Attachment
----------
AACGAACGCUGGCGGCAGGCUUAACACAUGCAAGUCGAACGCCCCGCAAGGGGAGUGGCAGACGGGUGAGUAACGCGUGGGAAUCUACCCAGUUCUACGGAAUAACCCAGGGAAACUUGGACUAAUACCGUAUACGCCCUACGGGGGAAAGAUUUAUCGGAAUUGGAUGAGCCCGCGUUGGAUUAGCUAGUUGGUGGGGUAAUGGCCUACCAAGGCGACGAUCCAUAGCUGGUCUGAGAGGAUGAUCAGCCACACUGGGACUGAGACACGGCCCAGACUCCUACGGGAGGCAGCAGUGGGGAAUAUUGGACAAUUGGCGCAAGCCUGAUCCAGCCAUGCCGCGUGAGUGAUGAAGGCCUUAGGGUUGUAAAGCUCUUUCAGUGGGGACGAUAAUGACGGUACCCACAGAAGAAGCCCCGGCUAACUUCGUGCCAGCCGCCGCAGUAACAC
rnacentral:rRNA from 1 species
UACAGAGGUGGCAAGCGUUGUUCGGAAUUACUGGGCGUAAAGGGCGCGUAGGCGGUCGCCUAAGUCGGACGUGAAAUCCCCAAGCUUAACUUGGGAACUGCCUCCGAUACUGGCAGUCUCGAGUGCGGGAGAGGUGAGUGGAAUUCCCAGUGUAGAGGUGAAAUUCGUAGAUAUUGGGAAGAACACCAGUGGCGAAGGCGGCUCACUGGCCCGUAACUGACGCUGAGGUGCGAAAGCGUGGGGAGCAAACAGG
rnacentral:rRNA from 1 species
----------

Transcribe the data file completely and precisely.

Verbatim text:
AACGAACGCUGGCGGCAGGCUUAACACAUGCAAGUCGAACGCCCCGCAAGGGGAGUGGCAGACGGGUGAGUAACGCGUGGGAAUCUACCCAGUUCUACGGAAUAACCCAGGGAAACUUGGACUAAUACCGUAUACGCCCUACGGGGGAAAGAUUUAUCGGAAUUGGAUGAGCCCGCGUUGGAUUAGCUAGUUGGUGGGGUAAUGGCCUACCAAGGCGACGAUCCAUAGCUGGUCUGAGAGGAUGAUCAGCCACACUGGGACUGAGACACGGCCCAGACUCCUACGGGAGGCAGCAGUGGGGAAUAUUGGACAAUUGGCGCAAGCCUGAUCCAGCCAUGCCGCGUGAGUGAUGAAGGCCUUAGGGUUGUAAAGCUCUUUCAGUGGGGACGAUAAUGACGGUACCCACAGAAGAAGCCCCGGCUAACUUCGUGCCAGCCGCCGCAGUAACAC
rnacentral:rRNA from 1 species
UACAGAGGUGGCAAGCGUUGUUCGGAAUUACUGGGCGUAAAGGGCGCGUAGGCGGUCGCCUAAGUCGGACGUGAAAUCCCCAAGCUUAACUUGGGAACUGCCUCCGAUACUGGCAGUCUCGAGUGCGGGAGAGGUGAGUGGAAUUCCCAGUGUAGAGGUGAAAUUCGUAGAUAUUGGGAAGAACACCAGUGGCGAAGGCGGCUCACUGGCCCGUAACUGACGCUGAGGUGCGAAAGCGUGGGGAGCAAACAGG
rnacentral:rRNA from 1 species